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Cite this as: Willet, R. 2018 Early Imperial Tableware in Roman Asia Minor: a perspective on the diachronic patterns and morphological developments, Internet Archaeology 50. https://doi.org/10.11141/ia.50.17
Although the study of tablewares has a long history in the Roman East, research has been hindered by the relatively few, and only very recent, interdisciplinary research projects that study and publish their tableware in depth. But in the last decades, advanced provenancing techniques, combined with efforts to study tableware en masse have been employed, resulting in a better understanding of tableware in the east. Distribution patterns for the major wares found in the East during the Late Hellenistic and Early Imperial period (e.g. Eastern Sigillata A, B, C, D; Italian terra sigillata) were successfully mapped by Philip Bes by compiling published data into a single database of the ICRATES (Inventory of Crafts and Trade in the Roman East) project (Bes and Poblome 2008). Yet many questions remain on the relationship between production and consumption of these wares and on the role more local products played, both of which are not helped by the relative paucity of well-studied closed archaeological contexts. This article addresses some of these issues through study of the tableware data for Asia Minor. As a first step, the data from Sagalassos, a city located in Pisidia (south-west Asia Minor) are discussed.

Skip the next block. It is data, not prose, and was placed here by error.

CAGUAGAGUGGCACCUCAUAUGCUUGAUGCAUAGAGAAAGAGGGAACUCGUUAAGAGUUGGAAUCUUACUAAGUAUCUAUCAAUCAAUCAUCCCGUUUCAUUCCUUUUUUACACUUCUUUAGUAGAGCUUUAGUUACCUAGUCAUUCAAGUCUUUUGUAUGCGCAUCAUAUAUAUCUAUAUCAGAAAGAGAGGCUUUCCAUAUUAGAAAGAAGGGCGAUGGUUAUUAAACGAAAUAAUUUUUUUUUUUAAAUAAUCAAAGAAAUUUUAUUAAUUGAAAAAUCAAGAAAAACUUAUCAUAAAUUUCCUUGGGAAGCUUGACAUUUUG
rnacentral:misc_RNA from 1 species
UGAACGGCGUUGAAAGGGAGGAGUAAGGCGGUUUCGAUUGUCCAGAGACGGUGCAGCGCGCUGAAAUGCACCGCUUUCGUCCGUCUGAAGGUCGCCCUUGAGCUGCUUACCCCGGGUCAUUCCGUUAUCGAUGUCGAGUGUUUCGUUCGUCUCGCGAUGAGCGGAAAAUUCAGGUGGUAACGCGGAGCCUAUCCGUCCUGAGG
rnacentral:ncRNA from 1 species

The incorporation of Asia Minor into the Roman Republic and later Empire was accompanied by civic turmoil and increased Roman intervention. Sagalassos, for example, started to produce tableware at a time when Roman colonies were being founded in the region of Pisidia. At the same time, the period of the first century BCE to second century CE saw increased urbanisation in the region, while concurrently the 'Greek' culture seems to have continued. At Sagalassos, substantial production facilities for tableware (Sagalassos Red Slip Ware or SRSW) are archaeologically attested and the excavations have yielded a vast amount of ceramics. As a production site, with few numbers of SRSW being attested elsewhere at present, the next logical step is to compare Sagalassos with consumption patterns of tableware at cities elsewhere in Asia Minor (Ephesos, Assos, and Tarsos). These represent sites both in proximity to and at some distance from producers of tableware. Therefore these represent a good test bed for the consumption of tableware, both in quantity and quality (i.e. what shapes were commonly used).
Diachronic data distribution methods are applied to the data from Sagalassos (50,000+ vessels) and the ICRATES dataset (c. 4800 vessels for Late Hellenistic-Imperial Asia Minor), both to observe quantitative diachronic changes and also to define the sequences of vessel forms and 'fashions'. The results represent the consumption patterns and sensibilities of usage and fashions of tableware, which must be set against a background of the societal, cultural and political changes in Asia Minor.
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